Amino acids are essential for many metabolic functions of the body, including muscle building and maintenance. The US Institute of Medicine UU It informs that there are nine amino acids that you should consume in your diet. Your body can synthesize the remaining 11 amino acids from carbohydrate precursors. Regular consumption of more than the daily need for amino acids, particularly those that your body can not synthesize, can have negative consequences for your health.
The World Health Organization states that for most amino acids, it is difficult for researchers to determine an exact recommended daily intake. However, the organization affirms with certainty that once your body uses the amino acids that you need, the excess of amino acids enters an oxidative cycle. During this cycle the kidneys must process excess amino acids and expel them from your body. The increased workload of the kidneys can cause damage, especially if you have already weakened kidney function.
In relation to your kidney function is your nitrogen balance after processing the amino acids. Harris R. Lieberman et al. count in "Nutritional Neuroscience" that the nitrogen balance is the result of the intake of amino acids, minus the amount of nitrogen in your body excretions. If you consume too many amino acids, especially if it is an excessive and unbalanced consumption, you will begin to excrete more amino acids than you eat, resulting in a negative nitrogen balance. This negative nitrogen balance will remain until you correct your diet.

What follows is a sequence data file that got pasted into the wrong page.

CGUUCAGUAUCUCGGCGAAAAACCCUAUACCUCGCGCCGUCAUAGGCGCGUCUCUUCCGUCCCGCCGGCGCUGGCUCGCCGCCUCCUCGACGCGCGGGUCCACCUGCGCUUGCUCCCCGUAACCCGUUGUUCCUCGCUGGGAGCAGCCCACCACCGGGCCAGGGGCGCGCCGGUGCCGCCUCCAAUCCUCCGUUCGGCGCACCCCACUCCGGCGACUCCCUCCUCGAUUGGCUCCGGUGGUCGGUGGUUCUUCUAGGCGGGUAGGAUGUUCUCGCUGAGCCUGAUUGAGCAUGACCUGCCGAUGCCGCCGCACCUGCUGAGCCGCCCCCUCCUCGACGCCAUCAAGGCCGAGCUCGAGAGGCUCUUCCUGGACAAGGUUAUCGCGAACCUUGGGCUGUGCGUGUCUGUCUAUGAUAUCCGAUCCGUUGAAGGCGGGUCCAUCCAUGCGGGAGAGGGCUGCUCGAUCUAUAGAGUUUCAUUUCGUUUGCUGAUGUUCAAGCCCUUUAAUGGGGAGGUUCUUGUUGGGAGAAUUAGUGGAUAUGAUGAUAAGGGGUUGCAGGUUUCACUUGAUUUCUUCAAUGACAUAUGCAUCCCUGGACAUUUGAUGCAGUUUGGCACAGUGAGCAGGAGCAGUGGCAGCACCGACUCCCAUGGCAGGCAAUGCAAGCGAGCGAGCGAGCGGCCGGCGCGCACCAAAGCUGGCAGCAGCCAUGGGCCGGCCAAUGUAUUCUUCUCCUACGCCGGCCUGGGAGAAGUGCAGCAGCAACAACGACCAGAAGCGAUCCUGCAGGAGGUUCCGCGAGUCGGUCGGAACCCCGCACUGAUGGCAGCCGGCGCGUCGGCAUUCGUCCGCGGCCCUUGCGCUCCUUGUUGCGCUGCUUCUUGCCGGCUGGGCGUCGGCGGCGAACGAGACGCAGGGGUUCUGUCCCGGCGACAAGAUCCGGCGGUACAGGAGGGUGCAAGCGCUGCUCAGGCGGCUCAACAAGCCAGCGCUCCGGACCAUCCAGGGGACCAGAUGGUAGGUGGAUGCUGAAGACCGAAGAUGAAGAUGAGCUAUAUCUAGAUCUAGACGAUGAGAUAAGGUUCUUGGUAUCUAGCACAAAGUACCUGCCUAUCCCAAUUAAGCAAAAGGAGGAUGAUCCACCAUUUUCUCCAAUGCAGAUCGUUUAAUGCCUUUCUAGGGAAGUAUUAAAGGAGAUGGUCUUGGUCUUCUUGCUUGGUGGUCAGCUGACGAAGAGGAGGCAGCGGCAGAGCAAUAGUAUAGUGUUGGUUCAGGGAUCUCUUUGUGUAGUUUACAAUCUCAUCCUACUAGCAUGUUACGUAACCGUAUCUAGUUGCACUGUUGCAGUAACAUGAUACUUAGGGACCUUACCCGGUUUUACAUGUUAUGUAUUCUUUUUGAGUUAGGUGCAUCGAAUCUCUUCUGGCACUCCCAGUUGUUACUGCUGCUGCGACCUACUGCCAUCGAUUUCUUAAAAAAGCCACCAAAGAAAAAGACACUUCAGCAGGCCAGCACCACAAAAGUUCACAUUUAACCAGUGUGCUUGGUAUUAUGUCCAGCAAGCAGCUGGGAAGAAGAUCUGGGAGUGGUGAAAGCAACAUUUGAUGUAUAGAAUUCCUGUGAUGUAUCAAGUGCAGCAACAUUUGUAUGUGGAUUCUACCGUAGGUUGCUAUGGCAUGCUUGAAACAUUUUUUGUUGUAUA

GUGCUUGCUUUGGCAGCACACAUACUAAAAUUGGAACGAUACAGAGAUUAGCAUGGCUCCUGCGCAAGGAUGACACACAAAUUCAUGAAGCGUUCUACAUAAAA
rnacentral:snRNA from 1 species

In a research paper on amino acids in 2011, published in "The Journal of Cachexia, Sarcopenia and Muscles," Francesco S. Dioguardi reports that research on the toxicity of amino acids is deficient, but researchers firmly believe that too much methionine can have negative consequences for your health. Dioguardi cites carotid artery lesions, cellular oxidative damage and deterioration of nitric oxide production in the possible side effects of too much methionine in the diet. Arginine and glutamine are two other amino acids that can have toxic effects when consumed too much, but more research is needed.
The protein found in foods of animal and non-animal origin is the primary source of amino acids. Registered dietitian Katy James states that a sedentary adult requires only 0.8 g of protein per kilogram of body weight, or approximately 0.36 g per pound. She also says that most people easily meet this requirement through the daily diet.A negative side effect of eating more protein than you need is that your body will convert part of this protein into fat and it will be stored in the fat cells in your body for future use as energy.